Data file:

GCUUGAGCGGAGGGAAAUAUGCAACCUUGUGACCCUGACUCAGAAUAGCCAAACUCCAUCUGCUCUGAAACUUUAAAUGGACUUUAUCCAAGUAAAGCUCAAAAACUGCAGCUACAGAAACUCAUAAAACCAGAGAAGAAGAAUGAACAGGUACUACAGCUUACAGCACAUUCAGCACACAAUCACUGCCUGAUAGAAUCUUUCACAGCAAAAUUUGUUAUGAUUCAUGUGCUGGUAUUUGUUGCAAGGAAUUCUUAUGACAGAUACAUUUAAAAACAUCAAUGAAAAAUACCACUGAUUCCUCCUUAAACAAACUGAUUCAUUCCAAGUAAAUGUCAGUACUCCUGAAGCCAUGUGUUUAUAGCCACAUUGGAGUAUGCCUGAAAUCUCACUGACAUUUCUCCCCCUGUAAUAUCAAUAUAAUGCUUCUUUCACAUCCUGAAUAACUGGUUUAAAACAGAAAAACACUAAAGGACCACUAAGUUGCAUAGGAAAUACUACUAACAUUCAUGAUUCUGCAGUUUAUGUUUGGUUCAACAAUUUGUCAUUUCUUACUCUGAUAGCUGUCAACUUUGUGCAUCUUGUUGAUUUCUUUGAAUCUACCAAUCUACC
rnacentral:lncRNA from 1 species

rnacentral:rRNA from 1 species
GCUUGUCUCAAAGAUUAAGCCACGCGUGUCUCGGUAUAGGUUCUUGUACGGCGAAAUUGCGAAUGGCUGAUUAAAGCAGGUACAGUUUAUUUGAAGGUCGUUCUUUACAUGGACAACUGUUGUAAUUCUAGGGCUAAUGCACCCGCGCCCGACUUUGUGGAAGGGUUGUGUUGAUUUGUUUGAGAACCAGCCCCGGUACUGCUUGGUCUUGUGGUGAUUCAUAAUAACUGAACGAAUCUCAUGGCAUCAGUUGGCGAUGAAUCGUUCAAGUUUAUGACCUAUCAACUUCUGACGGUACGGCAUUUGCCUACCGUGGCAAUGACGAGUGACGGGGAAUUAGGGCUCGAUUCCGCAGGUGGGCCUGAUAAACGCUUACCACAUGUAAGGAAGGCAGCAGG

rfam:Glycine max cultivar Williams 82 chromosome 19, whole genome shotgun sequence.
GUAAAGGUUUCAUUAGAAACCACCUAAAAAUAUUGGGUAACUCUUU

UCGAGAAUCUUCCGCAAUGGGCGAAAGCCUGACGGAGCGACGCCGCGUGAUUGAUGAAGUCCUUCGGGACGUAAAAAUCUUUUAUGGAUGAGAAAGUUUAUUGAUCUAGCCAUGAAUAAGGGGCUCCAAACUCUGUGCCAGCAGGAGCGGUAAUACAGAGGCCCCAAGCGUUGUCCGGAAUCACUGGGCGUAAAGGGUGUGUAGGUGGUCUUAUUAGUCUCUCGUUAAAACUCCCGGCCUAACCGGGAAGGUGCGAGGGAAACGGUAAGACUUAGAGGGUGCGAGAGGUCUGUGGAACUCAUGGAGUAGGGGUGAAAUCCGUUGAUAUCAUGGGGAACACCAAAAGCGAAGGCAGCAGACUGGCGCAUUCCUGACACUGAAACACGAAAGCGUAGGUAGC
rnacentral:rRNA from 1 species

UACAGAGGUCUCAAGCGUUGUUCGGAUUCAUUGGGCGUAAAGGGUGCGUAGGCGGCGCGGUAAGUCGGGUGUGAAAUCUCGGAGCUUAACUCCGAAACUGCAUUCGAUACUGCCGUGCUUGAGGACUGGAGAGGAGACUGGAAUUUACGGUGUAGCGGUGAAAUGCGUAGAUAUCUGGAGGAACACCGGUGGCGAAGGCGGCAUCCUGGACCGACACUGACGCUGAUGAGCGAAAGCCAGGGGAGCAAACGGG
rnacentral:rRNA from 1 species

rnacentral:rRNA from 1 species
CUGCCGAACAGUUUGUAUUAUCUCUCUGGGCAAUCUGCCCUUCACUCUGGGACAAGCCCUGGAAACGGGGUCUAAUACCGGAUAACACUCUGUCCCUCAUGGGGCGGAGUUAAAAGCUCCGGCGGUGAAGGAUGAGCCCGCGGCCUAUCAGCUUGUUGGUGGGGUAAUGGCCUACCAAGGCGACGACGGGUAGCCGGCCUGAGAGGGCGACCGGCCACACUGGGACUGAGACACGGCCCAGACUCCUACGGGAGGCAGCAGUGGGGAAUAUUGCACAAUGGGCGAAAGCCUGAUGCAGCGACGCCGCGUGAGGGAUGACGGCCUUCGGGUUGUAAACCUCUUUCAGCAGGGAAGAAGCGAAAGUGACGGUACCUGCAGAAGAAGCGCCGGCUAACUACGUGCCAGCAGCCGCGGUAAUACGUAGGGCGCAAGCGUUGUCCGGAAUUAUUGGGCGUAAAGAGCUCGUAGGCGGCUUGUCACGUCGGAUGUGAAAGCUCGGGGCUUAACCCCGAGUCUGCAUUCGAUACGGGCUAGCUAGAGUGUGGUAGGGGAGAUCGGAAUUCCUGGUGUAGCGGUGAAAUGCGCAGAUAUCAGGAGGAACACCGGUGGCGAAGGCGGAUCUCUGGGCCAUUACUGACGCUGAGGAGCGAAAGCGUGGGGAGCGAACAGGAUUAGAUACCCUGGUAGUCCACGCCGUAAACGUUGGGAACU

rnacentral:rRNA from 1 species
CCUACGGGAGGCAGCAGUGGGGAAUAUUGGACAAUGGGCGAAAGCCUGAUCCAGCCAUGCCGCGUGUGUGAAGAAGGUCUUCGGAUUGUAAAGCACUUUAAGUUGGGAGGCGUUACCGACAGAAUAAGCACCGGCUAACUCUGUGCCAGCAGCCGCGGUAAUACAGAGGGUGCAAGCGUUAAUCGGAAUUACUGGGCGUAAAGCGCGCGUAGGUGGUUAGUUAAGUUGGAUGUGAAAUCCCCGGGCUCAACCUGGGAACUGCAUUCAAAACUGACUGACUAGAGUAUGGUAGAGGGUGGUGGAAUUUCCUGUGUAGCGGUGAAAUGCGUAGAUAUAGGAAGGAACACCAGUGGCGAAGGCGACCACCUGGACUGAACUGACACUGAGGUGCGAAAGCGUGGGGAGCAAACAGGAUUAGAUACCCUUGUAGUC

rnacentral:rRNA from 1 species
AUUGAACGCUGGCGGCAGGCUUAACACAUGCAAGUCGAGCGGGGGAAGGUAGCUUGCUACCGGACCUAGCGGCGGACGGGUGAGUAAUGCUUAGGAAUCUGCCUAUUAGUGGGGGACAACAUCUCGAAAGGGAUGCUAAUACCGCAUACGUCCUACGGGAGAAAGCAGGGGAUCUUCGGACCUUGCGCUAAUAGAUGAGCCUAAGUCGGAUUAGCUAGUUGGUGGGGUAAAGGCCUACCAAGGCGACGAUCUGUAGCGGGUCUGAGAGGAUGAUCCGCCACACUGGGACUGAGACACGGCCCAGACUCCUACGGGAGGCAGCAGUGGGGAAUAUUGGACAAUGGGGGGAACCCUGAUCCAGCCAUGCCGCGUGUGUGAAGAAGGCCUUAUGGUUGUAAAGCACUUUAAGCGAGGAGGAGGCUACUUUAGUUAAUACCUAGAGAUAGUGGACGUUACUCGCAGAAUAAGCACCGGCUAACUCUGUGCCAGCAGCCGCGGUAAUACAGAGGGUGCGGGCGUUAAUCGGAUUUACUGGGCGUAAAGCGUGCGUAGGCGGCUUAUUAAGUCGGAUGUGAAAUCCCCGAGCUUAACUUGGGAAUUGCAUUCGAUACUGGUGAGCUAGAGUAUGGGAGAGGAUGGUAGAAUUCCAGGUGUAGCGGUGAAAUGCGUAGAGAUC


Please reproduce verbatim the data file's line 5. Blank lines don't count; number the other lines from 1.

rfam:Glycine max cultivar Williams 82 chromosome 19, whole genome shotgun sequence.